we drive over an hour one way to get it
the raw near us is NOT grass-feed, some is grain feed and others are not at all organic, so it makes a big difference to us
I don't like to skim off milk and waste (for us)

as far as butter, we only do organic and do "treat" to grass-feed/spring butter

as for cheese, we do have a local farmer that sells grain feed, non-pesticides milk and they make their own cheese, I can get several types so that is what we do and we also do ages Italian cheese as well as some goat when I can find it

we do organic live culture yogurt (grocery store) to us the amount we use it is not cheaper for me to make it

we buy grass feed beef/get bones as well and have a source for local free range eggs and get a big order when we shop at a butcher in Kutztown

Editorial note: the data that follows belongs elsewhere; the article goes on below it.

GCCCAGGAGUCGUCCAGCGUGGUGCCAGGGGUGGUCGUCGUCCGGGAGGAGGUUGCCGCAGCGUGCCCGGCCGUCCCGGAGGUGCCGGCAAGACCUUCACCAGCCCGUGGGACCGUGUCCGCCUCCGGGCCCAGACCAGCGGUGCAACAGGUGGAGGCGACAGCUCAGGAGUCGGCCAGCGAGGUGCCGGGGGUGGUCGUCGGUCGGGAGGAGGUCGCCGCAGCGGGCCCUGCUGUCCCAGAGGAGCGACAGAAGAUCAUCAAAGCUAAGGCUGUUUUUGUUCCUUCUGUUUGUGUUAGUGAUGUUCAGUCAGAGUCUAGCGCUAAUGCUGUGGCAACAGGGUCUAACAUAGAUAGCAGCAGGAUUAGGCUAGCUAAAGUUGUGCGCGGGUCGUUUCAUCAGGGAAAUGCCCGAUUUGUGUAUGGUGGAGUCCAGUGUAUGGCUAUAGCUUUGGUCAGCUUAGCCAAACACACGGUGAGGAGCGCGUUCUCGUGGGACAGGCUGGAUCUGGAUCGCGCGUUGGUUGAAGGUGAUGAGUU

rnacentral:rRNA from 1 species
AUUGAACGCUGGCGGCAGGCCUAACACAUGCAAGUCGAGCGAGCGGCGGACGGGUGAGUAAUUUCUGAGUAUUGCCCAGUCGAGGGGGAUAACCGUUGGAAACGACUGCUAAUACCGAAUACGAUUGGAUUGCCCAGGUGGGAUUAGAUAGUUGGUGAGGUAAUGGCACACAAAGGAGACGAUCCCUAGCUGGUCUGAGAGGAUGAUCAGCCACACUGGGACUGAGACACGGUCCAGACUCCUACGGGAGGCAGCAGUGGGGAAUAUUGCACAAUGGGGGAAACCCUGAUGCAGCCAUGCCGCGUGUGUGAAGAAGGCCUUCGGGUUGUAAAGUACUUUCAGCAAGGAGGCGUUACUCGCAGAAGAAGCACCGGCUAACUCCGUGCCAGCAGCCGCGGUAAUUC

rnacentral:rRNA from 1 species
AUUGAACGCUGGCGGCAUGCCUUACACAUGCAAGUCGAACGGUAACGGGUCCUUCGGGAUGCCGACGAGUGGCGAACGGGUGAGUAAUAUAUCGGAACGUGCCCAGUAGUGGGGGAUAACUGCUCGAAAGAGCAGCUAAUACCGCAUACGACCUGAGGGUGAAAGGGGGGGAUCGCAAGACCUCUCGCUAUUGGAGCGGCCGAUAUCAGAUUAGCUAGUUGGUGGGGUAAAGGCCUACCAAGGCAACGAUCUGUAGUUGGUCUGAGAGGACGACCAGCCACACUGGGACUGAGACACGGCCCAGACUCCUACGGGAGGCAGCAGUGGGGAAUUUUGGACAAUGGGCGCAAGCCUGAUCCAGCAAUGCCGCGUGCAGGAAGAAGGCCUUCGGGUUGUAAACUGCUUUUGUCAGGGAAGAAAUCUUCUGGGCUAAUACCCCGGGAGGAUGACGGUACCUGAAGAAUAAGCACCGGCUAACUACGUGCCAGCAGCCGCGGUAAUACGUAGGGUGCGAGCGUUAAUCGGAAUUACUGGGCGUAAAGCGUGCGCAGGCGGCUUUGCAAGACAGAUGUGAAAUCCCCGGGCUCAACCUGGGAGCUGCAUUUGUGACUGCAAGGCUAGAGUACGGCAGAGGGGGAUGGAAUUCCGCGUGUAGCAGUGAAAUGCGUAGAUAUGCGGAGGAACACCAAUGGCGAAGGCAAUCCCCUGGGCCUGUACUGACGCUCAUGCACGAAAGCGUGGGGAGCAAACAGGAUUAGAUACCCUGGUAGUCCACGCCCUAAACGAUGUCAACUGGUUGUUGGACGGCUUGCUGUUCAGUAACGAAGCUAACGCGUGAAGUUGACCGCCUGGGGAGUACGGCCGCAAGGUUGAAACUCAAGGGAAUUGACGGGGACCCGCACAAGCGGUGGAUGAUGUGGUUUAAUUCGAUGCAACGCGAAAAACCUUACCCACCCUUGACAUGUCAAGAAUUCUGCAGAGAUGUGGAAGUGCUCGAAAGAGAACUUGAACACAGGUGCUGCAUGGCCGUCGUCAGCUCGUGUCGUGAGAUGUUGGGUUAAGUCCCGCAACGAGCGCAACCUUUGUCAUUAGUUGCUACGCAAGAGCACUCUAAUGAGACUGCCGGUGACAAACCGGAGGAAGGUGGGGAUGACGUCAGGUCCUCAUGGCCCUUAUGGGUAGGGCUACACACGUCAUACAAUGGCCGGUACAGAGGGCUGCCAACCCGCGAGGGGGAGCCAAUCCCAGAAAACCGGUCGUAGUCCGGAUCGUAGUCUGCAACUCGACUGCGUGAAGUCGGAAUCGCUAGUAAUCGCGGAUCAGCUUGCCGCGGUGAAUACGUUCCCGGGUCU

bottom line, we buy better stuff, and less of it

our diet is TF (our version) very "traditional" foods (far more ethnic) -we are BIG on non-processed foods, NO additives, coloring, fake, etc - BUT we eat a really rounded diet- we DO grains and lots of them, we do starches and veggies and fruits, we do stocks, we do meats and lots of fish/seafood

we don't eat tons of certain things (lots of meat, eggs, limited grains) that others do in a "TF" diet

we DO coffee, wine and liquors - I don't see how that is not traditional

we don't do ferments, my DH hates them- will eat "pickled" items and that gives lots of room for vinegars

we don't soak everything- so we do, beans in seaweed, just soaked rice and only some grains

we do lots of sourdoughs

we do sugar, nothing fake, nothing that is imo processed (NO stevia, etc) honey is only RAW, not baked or cooked, we do molasses and only a bit of maple sugar

we both kind of grew up this way so we didn't have to loose any weight so that is not an issue for us

we do eat out, we find dinner, mostly Greek in our area, have good products and lots of local fresh foods
we don't just eat meat and salads - we are not militant about it, just mindful of processed mostly

we do have cake- made with organic everything
pop-corn, pretzels, crackers-all come organic so does chocolate